They say the business life, especially in the beginning stages, can be lonely and dark. Though there is some truth to that, it doesn’t have to be that way.
Contrary to popular beliefs and attempts, you can’t and shouldn’t do everyone on your own. Yes, we realize you can’t exactly hire a bunch of staff either but that’s not what we’re suggesting. We’re talking about creating an environment for yourself that fosters community and accountability. Two easy reminders why you need to open up and reach out and hold up your end of the bargain. Here’s how:
It’s lonely when you think you can do it all on your own. When you think that you know it all and have nothing to learn. Trust us, we’ve all been there. However, this is so far from the truth. In fact, you may know a lot about photography or editing or technical skills, but there is always something to learn and the most important thing to learn is experiences.
How can you speed up the curve of experience without aging? Meet people who have been where you are right now.
One way to avoid isolation is by putting yourself out there. Not to embarrass yourself because you might be new to the game, but to gain insight, advice, and a network of creatives who have been there before. These people are more valuable than any textbook or lecture you will get at a school.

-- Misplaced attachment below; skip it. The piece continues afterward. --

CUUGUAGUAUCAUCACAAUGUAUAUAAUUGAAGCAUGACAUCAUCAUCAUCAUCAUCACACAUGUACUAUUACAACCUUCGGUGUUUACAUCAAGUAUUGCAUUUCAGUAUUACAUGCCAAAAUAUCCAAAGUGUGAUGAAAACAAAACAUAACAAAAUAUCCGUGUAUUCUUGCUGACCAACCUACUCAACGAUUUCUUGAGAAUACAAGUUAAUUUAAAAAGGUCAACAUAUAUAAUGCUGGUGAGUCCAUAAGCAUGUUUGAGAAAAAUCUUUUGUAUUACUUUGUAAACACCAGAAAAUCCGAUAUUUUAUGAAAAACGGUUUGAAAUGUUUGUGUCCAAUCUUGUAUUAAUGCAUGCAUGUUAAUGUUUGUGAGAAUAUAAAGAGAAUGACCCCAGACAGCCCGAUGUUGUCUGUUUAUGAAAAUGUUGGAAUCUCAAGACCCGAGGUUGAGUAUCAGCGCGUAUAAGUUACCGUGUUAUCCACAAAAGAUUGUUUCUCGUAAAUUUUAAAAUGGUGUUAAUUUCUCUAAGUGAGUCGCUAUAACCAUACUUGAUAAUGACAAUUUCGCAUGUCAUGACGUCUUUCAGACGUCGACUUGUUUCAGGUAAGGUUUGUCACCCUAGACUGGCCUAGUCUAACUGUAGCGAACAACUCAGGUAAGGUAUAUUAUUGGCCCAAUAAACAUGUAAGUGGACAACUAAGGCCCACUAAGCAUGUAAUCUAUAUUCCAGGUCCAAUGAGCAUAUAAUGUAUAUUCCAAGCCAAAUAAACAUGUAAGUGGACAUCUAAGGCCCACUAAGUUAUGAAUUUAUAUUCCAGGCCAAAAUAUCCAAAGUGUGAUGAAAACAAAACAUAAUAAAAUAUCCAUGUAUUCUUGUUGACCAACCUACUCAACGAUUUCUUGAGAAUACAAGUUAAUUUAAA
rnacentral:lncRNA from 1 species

It’s not enough just to be present with these individuals, though. Now, we aren’t asking you to find twenty new friends either, but we are asking to create relationships.
Networking can be scary but when you end up sitting down with a group of people over pizza or coffee suddenly you remember they are people too. This is such a great opportunity to brainstorm, share experiences and stories, and find a niche that you can trust.
The photography business realm should never be one of competition. Instead, it should be a community of accountability. Choosing to surround yourself with like-minded people will help you gain important knowledge but it will also help you hold yourself accountable. It’s just too easy to slack when you are alone.
One final way to kick this up another notch is to look for a mentor. By the way, they don’t have to be older than you. Crazy, right? Turns out, you can start photography at any age and you can be a professional photographer at just about any age.
Seeking someone who will actively answer your questions, give you advice, and maybe even let you shadow them while they work are going to be some of the best people you can learn from. Even if they aren’t in your niche or your style preference, everyone has something to offer.
Accountability is really tough. We have this idea that we can do it all on our own, but it’s just not possible. We get lazy or anxious that our work isn’t good and we are much more likely to give up without support. Support from strangers is still support, after all. If you are new to the photography business or have been around for a while but haven’t found your group yet, it just takes a bit of looking. They are out there and they are waiting for you to share your experiences too.